A podcast is a digital medium that allows users to access audio files from a variety of online sources. Although the term “podcast” is often used interchangeably with “internet radio,” the two are distinct mediums. Podcasts are typically delivered as a series of episodes, with new episodes being added periodically.

Podcasts are a convenient way to listen to audio content, as they can be downloaded and listened to at the user’s leisure. Additionally, podcasts are often free to access, making them a cost-effective option for entertainment and education.

Types of Podcasts

  • Interview
    • The host or hosts speak with one or more guests each episode about the guest’s unique expertise or insights on a given topic, industry or theme. 
      • Expert interviews: In these podcasts, the focus is on a specific topic in which the interviewee is considered a thought leader. Many audience members listen to this type of podcast to learn more about a given industry or gain insights that they find interesting or useful.
      • Entertainment interviews:  These podcasts invite guests to share interesting stories about their lives.
  • Conversational
    • Conversational, co-hosted podcasts are very similar to traditional radio shows, in which two podcast hosts have entertaining conversations about specific themes and topics. Often, co-hosts will discuss trending news stories and provide insightful — or humorous — commentary. Conversational podcasts may include guests.
    • A high level of comfort and familiarity between the hosts is required. If the hosts don’t know each other well or don’t get along, the audience will be able to tell. Because you can’t script a conversation — or at least, you shouldn’t — this format is best for hosts who can improvise on the spot. 
  • Monologue
    • A solo host, who is usually an expert in a given field, speaks for the entirety of each episode. Audience members tune in to learn about a specific topic or get an informed opinion on recent events.
    • Hosts should have enough experience and expertise to fill many episodes, although it is possible to produce a limited-run podcast that covers a single topic or issue, similar to a serialized audiobook. The monologue format has the advantage of not depending on other people, so the host doesn’t need to book guests or configure schedules with another host.
  • Roundtable
    • A consistent or rotating group of hosts provide commentary and conversation around specific topics. For each episode, a main host MCs while co-hosts fill specific roles. For example, some co-hosts may provide more comedic commentary, while others offer in-depth expertise.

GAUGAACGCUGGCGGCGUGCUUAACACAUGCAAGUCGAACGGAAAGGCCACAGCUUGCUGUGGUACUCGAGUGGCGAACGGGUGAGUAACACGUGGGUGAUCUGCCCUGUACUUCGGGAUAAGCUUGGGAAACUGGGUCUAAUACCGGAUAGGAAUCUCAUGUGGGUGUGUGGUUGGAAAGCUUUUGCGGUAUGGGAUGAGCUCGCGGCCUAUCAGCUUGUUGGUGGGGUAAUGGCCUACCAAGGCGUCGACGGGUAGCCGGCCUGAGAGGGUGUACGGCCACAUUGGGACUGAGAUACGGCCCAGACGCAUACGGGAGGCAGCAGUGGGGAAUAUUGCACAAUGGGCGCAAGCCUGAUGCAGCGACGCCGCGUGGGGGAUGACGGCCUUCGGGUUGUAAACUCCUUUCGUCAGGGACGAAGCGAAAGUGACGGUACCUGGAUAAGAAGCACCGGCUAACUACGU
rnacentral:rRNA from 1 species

• This type of podcast often tries to make audience members feel like they’re part of a private club. Roundtable podcasts take the stress off one person by splitting the workload among a number of different people. 
  • Storytelling/Investigative
    • These podcasts are immersive experiences that take the audience deep into a story.
  • Theatrical
    • Many theatrical podcasts have a single host who narrates a story in a similar manner as an audiobook.
    • However, other podcasts within this format use an entire cast of performers to create more immersive experience, with fictional worlds and characters that entertain listeners.
  • Repurposed Content
    • These podcasts use stories that can appear in print or on video. News programs are among the most common in this category.
  • Hybrid
    • Any of these types of podcasts can be used together to create an hybrid podcast. For example, a podcaster with expertise in a given subject area might host a monologue-style podcast and occasionally interview guests. Likewise, a panel show might split each episode into segments, including a space for the main host to present a monologue.

Podcast Idea & Concept Development

  • Develop an idea for a podcast
    • Almost any idea can be used for a podcast
    • Some of the most popular podcasts include talk shows, true crime stories, investigative journalism, reviews, politics, sports, and interviews, but any idea has the potential to be a podcast
  • Define your niche or topic
    • Narrowing down a topic or niche may seem limiting, but doing so will help you better focus your content and build an audience in the long term. It will also help you build trust and establish yourself as a subject matter expert.
    • Pick a topic that’s broad enough that you could reasonably talk about for multiple episodes, seasons, etc., but specific enough to draw in a certain type of person or demographic.
  • Identify the format for your podcast series
    • Fiction or non-fiction?
    • Talk show or storytelling?
    • Single host or multiple hosts?
  • Research existing podcasts
    • Is your idea already being done?
    • How is your idea different?
    • Before you dive into recording your first episode, it’s a smart move to do a little digging to see if there are any other podcasts that are similar.
    • You may find that there are few to no podcasts on your selected topic, or that your niche is already pretty crowded. Even if it’s the latter, doing your research can help you figure out how to position your podcast in a way that sets you apart.